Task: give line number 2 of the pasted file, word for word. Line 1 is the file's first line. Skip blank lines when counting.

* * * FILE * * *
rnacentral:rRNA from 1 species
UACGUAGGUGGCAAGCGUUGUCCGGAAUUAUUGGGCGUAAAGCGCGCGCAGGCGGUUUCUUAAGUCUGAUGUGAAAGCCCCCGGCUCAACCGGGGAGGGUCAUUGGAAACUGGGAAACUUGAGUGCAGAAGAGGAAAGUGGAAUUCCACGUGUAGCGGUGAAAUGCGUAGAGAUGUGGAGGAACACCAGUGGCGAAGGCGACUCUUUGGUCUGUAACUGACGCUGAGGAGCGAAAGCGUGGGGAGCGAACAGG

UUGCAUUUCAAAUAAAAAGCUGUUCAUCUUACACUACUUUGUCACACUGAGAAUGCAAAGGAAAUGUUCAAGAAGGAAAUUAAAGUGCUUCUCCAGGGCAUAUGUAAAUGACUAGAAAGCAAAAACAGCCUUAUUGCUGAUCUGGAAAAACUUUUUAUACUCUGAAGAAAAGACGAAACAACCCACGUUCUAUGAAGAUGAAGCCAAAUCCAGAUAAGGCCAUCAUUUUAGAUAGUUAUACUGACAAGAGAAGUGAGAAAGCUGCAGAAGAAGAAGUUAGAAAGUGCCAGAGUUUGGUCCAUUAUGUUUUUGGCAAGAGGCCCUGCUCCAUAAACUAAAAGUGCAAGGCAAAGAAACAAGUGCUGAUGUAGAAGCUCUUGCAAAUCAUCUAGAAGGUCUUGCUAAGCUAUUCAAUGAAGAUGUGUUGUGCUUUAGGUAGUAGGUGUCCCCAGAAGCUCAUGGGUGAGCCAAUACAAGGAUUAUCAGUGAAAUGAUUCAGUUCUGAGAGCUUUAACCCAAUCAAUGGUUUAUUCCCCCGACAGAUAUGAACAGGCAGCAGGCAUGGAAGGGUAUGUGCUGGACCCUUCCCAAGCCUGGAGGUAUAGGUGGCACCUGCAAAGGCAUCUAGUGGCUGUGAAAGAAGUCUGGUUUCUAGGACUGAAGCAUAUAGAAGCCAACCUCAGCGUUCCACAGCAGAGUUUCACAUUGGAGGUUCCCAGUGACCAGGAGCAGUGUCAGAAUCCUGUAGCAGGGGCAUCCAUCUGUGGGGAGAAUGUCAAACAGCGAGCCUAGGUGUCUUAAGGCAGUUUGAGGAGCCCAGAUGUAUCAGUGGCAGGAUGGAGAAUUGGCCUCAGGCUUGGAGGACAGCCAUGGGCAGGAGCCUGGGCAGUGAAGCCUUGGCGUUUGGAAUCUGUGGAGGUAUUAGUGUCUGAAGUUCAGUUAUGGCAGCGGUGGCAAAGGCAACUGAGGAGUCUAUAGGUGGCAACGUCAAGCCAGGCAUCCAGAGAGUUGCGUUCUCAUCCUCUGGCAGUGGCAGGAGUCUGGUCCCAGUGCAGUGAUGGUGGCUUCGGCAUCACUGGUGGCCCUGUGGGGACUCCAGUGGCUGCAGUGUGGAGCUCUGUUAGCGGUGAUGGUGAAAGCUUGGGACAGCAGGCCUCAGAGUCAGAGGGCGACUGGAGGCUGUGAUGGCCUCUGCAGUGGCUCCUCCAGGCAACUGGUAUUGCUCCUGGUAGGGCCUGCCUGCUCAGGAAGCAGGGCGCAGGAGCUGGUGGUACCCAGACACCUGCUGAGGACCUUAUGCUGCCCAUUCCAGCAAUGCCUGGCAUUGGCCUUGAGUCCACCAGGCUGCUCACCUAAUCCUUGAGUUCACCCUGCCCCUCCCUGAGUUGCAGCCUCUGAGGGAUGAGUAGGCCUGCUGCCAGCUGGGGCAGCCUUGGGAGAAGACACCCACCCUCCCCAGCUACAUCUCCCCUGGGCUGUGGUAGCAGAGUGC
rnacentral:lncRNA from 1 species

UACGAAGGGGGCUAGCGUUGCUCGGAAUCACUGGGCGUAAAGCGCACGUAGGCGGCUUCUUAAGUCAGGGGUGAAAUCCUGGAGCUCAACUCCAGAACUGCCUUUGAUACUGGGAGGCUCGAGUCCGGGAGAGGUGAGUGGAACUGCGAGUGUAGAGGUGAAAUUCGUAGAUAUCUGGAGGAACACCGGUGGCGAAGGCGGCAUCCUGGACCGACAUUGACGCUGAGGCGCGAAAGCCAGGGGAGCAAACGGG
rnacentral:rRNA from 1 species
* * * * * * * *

UACGUAGGUGGCAAGCGUUGUCCGGAAUUAUUGGGCGUAAAGCGCGCGCAGGCGGUUUCUUAAGUCUGAUGUGAAAGCCCCCGGCUCAACCGGGGAGGGUCAUUGGAAACUGGGAAACUUGAGUGCAGAAGAGGAAAGUGGAAUUCCACGUGUAGCGGUGAAAUGCGUAGAGAUGUGGAGGAACACCAGUGGCGAAGGCGACUCUUUGGUCUGUAACUGACGCUGAGGAGCGAAAGCGUGGGGAGCGAACAGG